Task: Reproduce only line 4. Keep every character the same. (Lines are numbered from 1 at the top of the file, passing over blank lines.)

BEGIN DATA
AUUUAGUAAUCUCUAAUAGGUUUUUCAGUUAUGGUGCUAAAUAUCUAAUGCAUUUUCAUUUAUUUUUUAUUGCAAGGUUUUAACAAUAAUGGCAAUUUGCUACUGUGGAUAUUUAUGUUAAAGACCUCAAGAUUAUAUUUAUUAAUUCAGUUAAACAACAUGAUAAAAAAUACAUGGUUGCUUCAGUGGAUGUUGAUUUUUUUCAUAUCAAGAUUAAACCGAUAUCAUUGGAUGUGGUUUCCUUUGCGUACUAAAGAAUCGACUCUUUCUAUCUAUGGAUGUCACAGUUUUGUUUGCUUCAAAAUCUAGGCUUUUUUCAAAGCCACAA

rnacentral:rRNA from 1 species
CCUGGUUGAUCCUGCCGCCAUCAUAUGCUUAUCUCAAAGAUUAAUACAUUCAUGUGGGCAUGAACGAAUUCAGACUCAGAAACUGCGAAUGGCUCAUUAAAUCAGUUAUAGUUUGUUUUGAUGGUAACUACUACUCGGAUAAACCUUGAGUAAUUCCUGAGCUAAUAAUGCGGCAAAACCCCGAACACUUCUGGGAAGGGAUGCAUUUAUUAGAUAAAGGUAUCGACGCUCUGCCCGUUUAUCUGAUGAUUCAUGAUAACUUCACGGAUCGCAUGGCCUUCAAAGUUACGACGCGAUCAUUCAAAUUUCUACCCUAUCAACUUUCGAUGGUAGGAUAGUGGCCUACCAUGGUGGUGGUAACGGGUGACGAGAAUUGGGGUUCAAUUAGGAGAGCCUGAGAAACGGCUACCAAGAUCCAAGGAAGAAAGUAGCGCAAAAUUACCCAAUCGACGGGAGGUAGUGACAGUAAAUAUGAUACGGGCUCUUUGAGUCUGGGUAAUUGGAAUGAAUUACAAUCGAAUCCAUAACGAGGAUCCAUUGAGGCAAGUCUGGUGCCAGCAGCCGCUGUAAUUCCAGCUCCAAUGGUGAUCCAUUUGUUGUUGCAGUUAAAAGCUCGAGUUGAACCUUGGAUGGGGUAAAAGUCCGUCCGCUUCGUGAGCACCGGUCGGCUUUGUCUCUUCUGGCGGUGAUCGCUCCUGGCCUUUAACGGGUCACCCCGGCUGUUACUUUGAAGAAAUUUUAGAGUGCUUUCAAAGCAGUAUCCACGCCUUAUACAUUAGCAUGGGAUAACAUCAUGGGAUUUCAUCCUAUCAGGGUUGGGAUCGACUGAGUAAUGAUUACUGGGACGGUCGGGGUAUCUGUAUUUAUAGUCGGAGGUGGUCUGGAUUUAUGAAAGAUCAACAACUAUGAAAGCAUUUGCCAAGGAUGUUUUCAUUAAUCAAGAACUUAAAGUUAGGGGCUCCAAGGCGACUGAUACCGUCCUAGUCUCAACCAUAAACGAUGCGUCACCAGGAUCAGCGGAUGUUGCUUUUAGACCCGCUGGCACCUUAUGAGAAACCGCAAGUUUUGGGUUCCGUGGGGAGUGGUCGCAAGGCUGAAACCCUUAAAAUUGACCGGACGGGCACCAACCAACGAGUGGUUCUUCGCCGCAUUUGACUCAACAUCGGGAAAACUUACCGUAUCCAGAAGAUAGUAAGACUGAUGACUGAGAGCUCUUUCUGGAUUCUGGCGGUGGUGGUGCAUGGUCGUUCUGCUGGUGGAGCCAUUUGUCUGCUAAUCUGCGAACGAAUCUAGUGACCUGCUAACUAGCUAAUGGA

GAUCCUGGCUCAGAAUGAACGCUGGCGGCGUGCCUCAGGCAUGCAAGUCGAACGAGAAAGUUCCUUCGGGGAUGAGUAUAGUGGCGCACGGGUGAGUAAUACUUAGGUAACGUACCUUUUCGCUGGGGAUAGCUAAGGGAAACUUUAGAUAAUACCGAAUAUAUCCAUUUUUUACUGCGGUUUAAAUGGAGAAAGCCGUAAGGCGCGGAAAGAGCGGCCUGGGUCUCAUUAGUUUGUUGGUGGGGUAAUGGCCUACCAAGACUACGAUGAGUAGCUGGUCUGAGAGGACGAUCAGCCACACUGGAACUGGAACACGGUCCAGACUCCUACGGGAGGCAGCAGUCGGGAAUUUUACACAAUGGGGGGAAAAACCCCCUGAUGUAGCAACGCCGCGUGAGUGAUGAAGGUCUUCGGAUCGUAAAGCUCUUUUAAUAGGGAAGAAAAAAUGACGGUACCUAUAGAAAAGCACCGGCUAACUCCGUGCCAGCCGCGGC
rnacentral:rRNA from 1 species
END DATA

GAUCCUGGCUCAGAAUGAACGCUGGCGGCGUGCCUCAGGCAUGCAAGUCGAACGAGAAAGUUCCUUCGGGGAUGAGUAUAGUGGCGCACGGGUGAGUAAUACUUAGGUAACGUACCUUUUCGCUGGGGAUAGCUAAGGGAAACUUUAGAUAAUACCGAAUAUAUCCAUUUUUUACUGCGGUUUAAAUGGAGAAAGCCGUAAGGCGCGGAAAGAGCGGCCUGGGUCUCAUUAGUUUGUUGGUGGGGUAAUGGCCUACCAAGACUACGAUGAGUAGCUGGUCUGAGAGGACGAUCAGCCACACUGGAACUGGAACACGGUCCAGACUCCUACGGGAGGCAGCAGUCGGGAAUUUUACACAAUGGGGGGAAAAACCCCCUGAUGUAGCAACGCCGCGUGAGUGAUGAAGGUCUUCGGAUCGUAAAGCUCUUUUAAUAGGGAAGAAAAAAUGACGGUACCUAUAGAAAAGCACCGGCUAACUCCGUGCCAGCCGCGGC